Anyone who has dabbled in project work with children knows that it takes a lot of organization, time management, creative thinking and problem solving and from time to time energy, however, in the end it is well worth the effort!
Celebrating the conclusion of a project is a great way to share with your families, peers, management, board members, persons in charge of fundraising, and whomever else you would like to invite the amount of concrete learning, increased social skills, language and literacy skills, math and science skills and physical mastery that comes out of in-depth studies of interest to children and chosen by the children!
Concluding the project involves gathering of all documentation, photos, stories and materials. Deciding what to keep, what to share and display involves both educators and children. Through this process you can review everything that you have learned over the course of the project.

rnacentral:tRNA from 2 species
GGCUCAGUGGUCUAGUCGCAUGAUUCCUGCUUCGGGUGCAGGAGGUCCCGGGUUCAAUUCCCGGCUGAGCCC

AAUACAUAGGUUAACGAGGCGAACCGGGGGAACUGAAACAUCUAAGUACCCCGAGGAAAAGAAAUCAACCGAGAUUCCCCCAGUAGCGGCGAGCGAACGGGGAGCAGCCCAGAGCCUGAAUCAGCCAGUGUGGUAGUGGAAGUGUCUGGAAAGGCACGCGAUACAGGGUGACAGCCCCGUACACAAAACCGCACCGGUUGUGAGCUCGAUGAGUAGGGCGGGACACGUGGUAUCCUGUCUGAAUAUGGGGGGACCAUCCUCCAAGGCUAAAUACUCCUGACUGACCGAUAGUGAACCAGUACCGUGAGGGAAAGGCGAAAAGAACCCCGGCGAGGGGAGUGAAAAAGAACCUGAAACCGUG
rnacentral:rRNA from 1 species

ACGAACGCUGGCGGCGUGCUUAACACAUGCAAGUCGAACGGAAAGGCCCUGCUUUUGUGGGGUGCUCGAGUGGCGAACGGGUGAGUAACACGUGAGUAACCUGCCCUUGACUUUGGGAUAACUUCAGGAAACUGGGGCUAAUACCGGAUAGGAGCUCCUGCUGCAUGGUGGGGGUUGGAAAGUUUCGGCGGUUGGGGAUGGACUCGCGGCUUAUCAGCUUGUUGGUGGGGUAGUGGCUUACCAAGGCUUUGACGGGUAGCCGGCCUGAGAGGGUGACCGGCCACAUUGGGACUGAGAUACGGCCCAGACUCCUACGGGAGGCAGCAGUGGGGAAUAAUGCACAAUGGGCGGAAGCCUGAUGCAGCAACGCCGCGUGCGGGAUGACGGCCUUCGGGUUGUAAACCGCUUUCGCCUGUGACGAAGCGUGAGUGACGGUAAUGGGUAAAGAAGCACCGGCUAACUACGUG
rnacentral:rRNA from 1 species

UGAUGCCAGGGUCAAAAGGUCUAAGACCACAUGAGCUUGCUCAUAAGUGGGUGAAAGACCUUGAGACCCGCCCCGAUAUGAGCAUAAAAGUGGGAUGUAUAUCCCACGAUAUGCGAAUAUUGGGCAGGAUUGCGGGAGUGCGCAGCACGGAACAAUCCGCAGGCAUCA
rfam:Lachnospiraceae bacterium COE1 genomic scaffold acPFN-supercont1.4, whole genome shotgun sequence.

Educators and children collaborate to choose a ?medium? to celebrate the success of their investigation.(Open ? house, Last Field trip, Fun Day at School with just kids?)
A lot of work and effort goes into project documentation ? as a team, plan a way to archive your project for future reference and as a recipe of inspiration for future educators and their children.
On a side note, on several occasions I have documented and transferred children's project work into a Power point presentation to share with parents and peers new to Reggio inspired classroom environments to help them better understand the value in complex level of work the children do during a project as well as to collaborate with them on how I can better involve families in project work. I have had huge success in proceeding projects with access to families shared resources, donated materials, access to field site visits, in house experts and so much more. Our communities are an invaluable resource but if we do not shout and share about the important work we are doing how will they know we need their help, input and support!